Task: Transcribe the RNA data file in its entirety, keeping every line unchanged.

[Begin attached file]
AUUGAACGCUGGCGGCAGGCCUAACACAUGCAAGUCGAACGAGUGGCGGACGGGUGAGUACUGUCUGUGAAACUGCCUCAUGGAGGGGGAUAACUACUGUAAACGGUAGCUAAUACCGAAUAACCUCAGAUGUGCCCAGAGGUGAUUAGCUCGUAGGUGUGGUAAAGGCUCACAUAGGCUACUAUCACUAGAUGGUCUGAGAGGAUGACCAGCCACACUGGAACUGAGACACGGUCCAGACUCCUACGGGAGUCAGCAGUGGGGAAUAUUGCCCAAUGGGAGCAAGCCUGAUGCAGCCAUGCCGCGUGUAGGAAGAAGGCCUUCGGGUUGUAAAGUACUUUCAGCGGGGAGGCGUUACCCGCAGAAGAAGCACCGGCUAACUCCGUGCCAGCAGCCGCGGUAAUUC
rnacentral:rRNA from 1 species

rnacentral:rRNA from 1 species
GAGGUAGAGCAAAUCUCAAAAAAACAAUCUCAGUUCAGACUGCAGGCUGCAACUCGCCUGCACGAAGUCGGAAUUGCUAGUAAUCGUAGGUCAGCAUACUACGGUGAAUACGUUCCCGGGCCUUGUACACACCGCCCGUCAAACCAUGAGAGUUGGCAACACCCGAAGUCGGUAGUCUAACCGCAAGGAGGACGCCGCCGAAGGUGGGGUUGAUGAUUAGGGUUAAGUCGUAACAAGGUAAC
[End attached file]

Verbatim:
AUUGAACGCUGGCGGCAGGCCUAACACAUGCAAGUCGAACGAGUGGCGGACGGGUGAGUACUGUCUGUGAAACUGCCUCAUGGAGGGGGAUAACUACUGUAAACGGUAGCUAAUACCGAAUAACCUCAGAUGUGCCCAGAGGUGAUUAGCUCGUAGGUGUGGUAAAGGCUCACAUAGGCUACUAUCACUAGAUGGUCUGAGAGGAUGACCAGCCACACUGGAACUGAGACACGGUCCAGACUCCUACGGGAGUCAGCAGUGGGGAAUAUUGCCCAAUGGGAGCAAGCCUGAUGCAGCCAUGCCGCGUGUAGGAAGAAGGCCUUCGGGUUGUAAAGUACUUUCAGCGGGGAGGCGUUACCCGCAGAAGAAGCACCGGCUAACUCCGUGCCAGCAGCCGCGGUAAUUC
rnacentral:rRNA from 1 species

rnacentral:rRNA from 1 species
GAGGUAGAGCAAAUCUCAAAAAAACAAUCUCAGUUCAGACUGCAGGCUGCAACUCGCCUGCACGAAGUCGGAAUUGCUAGUAAUCGUAGGUCAGCAUACUACGGUGAAUACGUUCCCGGGCCUUGUACACACCGCCCGUCAAACCAUGAGAGUUGGCAACACCCGAAGUCGGUAGUCUAACCGCAAGGAGGACGCCGCCGAAGGUGGGGUUGAUGAUUAGGGUUAAGUCGUAACAAGGUAAC